Development of a new ontology is often time consuming. Different ways to improve the process of ontology development are desired. One pattern during an ontology development is that often we need to add new classes with similar patterns of logical definition. This process is time consuming, error prone, and often boring. Ontorat is developed to facilitate this process.
Ontorat is developed based on Ontology Design Patterns (OCPs) in the field of ontology engineeering. Ontorat uses "class expressions with variables", which is defined as "OWL class expressions but allowing variables at positions of class expressions. The range of a variable can either be a named class, class expression, or any subtype of it as produced by the corresponding rule in OWL." (Reference: Noppens and Liebig, 2009). Ontorat offers a web-based platform for a user to write up class expressions with variables with the aim to quickly generate a large number of new ontology classes or annotate existing classes for a target ontology.
The inputs of Ontorat include: (1) a target ontology in OWL format, (2) a user-provided data file (tab-delimited text file or Excel file), and (3) ontology design pattern using the class expressions with variables. The target ontology and user-provided data files will be parsed by our own Ontorat parser. The target ontology can be used to avoid the assignment of repeated ontology identifiers (IDs). The user-provided data file provides the input data for high throughput processing. Each column of the data file needs to be very specific. A user will need to generate a script to represent the ontoogy design pattern using the Manchester OWL Syntax, a new syntax designed for writing OWL class expressions. An internally designed code is used to represent different columns (i.e., variables). For example, we use $coA to represent the first column (or column A), and use $coB to represent the second column (or column B), et al. Each column represents a variable.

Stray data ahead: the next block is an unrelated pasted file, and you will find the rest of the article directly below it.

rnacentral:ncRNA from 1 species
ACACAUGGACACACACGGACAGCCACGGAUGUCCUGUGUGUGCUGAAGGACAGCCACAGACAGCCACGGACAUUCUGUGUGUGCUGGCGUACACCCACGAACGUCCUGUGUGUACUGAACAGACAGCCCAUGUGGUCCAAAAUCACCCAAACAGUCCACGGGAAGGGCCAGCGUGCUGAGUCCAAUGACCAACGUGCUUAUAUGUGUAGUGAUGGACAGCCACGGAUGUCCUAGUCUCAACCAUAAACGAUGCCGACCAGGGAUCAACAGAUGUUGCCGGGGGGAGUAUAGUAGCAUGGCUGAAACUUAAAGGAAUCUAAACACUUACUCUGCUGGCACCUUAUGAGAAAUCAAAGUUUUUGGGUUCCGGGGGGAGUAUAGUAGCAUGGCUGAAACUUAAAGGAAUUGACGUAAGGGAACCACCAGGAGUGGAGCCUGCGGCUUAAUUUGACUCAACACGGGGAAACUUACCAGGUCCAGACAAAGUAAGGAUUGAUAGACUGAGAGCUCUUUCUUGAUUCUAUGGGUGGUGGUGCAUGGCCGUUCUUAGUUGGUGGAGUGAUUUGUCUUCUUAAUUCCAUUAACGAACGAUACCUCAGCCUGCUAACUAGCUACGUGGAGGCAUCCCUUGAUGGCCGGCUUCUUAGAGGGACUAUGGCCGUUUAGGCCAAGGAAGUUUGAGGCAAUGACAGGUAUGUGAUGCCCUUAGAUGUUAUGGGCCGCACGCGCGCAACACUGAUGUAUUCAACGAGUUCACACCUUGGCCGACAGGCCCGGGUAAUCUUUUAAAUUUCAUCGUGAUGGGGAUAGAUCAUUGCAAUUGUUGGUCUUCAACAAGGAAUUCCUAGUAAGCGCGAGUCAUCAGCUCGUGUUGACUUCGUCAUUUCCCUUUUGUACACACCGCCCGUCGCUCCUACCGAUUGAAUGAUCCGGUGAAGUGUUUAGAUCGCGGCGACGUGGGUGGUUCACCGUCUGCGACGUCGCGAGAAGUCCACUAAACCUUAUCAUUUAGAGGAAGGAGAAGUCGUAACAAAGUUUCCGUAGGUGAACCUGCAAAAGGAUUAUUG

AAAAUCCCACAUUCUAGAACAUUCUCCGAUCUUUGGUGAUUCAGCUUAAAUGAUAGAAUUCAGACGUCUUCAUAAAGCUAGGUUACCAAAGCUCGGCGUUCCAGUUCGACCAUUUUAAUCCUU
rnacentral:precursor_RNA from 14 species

The development of Ontorat is inspired by the OBI project QTT (Quick Term Templates). Ontorat implements the QTT strategy. The QTT has been implemented in MappingMaster, a plugin program in Protege 3.4. Similar to MappingMaster: (1) Ontorat uses an Excel spreadsheet file (or tab-delimited file) as input. (2) Ontorat relies on the pattern program using the OWL Manchester Syntax. Different from MappingMaster: (1) Ontorat is implemented as a web-based application, while MappingMaster works in Protege 3.4 but does not work in Protege 4.x. (2) MappingMaster cannot generate annotations for ontology terms for existing or newly generated ontology classes, for example, MappingMaster cannot automatically generate text definitions of a class term. However, this is not a difficult task in Ontorat if you know a design pattern. (3) MappingMaster cannot save the design patterns as a setting file, while Ontorat can do so.
Ontorat will allow domain experts and data curators to contribute actively to the ontology development without knowing the specifics of OWL. Ontorat is a robust approach can can be used in different ontology development scenarios.
Your suggestions and comments are welcome! The Ontorat development team provides good service and is usually fast to answer your questions.
Thank you for using Ontorat!